• In 2006, Cargill establishes the Derivatives Execution and Clearing Group to simplify the large, global company’s interactions with financial institutions in the futures market.

  • The innovative program cuts costs and helps to predict prices for a variety of Cargill’s regularly traded commodities, such as soybeans, corn and grains.

Creating clarity in a complex environment

The Derivatives Execution and Clearing Group helps Cargill streamline its approach to trading futures, which benefits a diverse range of partners.

Whether it was the advent of computer-based trading, which replaced the need for phone-based trading in the early 2000s, or the more recent onset of regulation as a result of the 2008 financial crisis, adapting to change is a constant for the futures industry. The futures market is a central financial exchange where people can trade standardized contracts to buy specific quantities of a commodity or financial instrument at a specified price with delivery set at a specified time in the future.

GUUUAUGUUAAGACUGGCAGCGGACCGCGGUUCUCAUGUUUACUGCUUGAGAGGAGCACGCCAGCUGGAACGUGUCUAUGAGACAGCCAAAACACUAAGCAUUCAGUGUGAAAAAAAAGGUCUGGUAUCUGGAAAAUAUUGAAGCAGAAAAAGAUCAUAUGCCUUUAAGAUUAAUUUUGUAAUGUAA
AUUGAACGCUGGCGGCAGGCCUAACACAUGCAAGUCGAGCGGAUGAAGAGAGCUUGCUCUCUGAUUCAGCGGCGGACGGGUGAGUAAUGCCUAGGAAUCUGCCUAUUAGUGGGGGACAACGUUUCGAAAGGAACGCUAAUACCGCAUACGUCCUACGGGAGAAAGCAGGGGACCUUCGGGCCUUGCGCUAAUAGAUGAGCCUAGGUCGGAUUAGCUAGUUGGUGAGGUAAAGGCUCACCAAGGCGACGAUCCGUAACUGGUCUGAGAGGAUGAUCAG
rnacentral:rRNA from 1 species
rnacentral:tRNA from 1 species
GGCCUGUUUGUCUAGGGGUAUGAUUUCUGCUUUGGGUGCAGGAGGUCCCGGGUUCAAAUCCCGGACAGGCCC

As a purchaser, processor and seller of physical commodities worldwide, Cargill has long managed its commodity risk on global futures markets. But in 2006, responding to an increasingly demanding and fast-paced trading environment, Cargill decided to rethink its approach to futures trading. Before that time, 40 Cargill businesses each conducted futures transactions independently with in-house and external financial institutions. This led to plenty of duplication, redundant broker rates, exchange fees and financing inefficiencies. Not only were some businesses paying higher fees than others, many were experiencing major operational problems.

To improve Cargill’s overall approach to futures trading, the company created the Derivatives Execution and Clearing Group, a single entity that consolidated Cargill’s dealings with financial institutions and leveraged Cargill’s size. Financial institutions responded positively, offering better rates and financing solutions and standardized fees, which helped Cargill strategically align its infrastructure, operations and documentation. Cargill now attributes hundreds of millions of dollars in savings to the “one futures platform” approach.

The savings generated from the streamlined and simplified approach have also benefitted Cargill’s business partners, all along supply chains. Whether it is the commodity producers whom Cargill represents on the trading floor or the financial institutions that now deal with one entity instead of many, the Derivatives Execution and Clearing Group has allowed Cargill to maintain its overall effectiveness as a business partner.